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Jimmie Johnson holds off Keselowski for Texas win, points lead
Somehow, they managed to maintain control and prolong their battle for the NASCAR Sprint Cup championship.
“Fortunately, we both stayed 1-2 and didn’t crash, didn’t lose a spot on the racetrack,” Johnson said. “But I knew he was serious about the race lead prior to that and that took it to a new level. “
Johnson still has the advantage, holding a seven-point lead with two races left after winning Sunday. But the five-time champion knows he’s got a fight on his hands from the young challenger who is trying to get Roger Penske his first Sprint Cup title.
“The gloves are off and it’s bare-knuckle fighting,” Johnson said.
Before their big bang inside the final 10 laps, Keselowski was coming up the track with Johnson on the outside. After the No. 48 Hendrick Motorsports Chevrolet got loose, Johnson seemed to be charging ahead before they ricocheted off each other heading toward the frontstretch. They stayed side-by-side into the next lap, and appeared to scrape each other again — and still had to get through another restart.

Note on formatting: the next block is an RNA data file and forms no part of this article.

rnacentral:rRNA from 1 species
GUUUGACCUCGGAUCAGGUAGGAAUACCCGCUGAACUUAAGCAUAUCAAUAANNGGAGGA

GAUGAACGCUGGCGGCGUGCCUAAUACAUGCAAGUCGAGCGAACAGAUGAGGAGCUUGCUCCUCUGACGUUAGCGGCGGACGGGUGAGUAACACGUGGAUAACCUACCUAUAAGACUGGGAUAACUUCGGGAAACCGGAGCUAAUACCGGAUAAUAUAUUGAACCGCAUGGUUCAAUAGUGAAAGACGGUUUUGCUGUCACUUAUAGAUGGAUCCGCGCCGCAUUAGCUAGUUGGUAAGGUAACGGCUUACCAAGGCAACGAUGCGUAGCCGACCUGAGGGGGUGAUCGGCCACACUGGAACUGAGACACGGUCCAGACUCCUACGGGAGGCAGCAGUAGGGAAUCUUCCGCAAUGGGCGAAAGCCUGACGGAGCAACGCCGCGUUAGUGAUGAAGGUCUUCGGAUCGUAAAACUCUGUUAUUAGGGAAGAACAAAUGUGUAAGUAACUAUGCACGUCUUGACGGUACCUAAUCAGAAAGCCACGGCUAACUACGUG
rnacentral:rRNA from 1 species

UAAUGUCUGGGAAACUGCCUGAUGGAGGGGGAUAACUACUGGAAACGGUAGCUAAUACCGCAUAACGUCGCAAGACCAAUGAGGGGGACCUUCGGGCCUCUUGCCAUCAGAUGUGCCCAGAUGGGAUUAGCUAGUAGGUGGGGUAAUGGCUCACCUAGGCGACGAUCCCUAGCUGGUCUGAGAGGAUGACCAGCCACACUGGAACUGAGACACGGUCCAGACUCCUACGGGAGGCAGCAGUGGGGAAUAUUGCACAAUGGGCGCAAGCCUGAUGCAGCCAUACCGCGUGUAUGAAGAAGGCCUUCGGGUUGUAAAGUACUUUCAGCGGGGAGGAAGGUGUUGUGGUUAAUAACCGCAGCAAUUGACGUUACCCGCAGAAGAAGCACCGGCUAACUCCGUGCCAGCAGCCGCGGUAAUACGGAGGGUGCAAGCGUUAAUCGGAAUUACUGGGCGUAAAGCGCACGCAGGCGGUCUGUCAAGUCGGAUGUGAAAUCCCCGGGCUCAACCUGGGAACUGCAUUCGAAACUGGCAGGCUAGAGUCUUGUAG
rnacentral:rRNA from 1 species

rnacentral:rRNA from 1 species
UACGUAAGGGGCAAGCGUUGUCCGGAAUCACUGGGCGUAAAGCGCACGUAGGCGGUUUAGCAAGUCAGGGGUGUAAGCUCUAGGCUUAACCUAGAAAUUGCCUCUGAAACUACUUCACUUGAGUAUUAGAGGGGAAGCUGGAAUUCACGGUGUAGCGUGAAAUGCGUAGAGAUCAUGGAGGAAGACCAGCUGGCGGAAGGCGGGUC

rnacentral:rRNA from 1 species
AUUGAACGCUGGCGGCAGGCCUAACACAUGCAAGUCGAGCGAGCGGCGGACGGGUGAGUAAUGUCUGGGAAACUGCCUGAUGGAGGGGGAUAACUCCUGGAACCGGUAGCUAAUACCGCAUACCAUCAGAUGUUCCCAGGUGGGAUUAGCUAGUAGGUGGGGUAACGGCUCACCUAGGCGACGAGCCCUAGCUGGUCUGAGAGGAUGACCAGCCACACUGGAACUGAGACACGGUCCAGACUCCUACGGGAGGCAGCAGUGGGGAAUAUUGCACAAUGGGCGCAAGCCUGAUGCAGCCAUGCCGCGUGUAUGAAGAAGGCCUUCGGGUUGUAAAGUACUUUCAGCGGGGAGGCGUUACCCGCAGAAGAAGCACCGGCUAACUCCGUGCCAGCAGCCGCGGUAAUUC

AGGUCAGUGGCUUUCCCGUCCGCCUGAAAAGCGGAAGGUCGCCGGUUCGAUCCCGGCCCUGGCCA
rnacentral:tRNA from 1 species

“I raced hard, and I’m sure someone would say dirty,” said Keselowski, who overcame an early pit problem and got back up front by taking only two tires on one of the last stops. “Anytime you run close to certain guys you’re racing them dirty according to some people. But I raced hard, and we both came back around, so there’s something to be said for that.”
When there was a third restart in the last 20 laps, for a green-white-checkered finish, Johnson regained the lead for the seventh and last time to win from the pole for the second week in a row. He charged on the outside after some more bumping, clearing Keselowski on the backstretch with 1½ laps left.
But only after a little finger-pointing at Keselowski, who after his runner-up finish went to Victory Lane to shake the winner’s hand.
“Just wanted him to use his head. There is no sense in taking us both out in the process,” Johnson said. “That’s the first time that we’ve really engaged at that level and raced each other that hard. To his credit, he did a nice job of getting right to the edge, and we brought home race cars. We weren’t wadded up to look like a bunch of fools.”
The season finale is at Homestead.
It also means a sizable donation for disaster relief on the East Coast in the wake of Superstorm Sandy. Lowe’s, Johnson’s primary sponsor, had pledged to match what he earned at Texas — $492,086.
Keselowski had never finished better than 14th at Texas before leading five times for 75 laps.
By Tom Fitton
New photos confirm the attack's coordination and its cover-up
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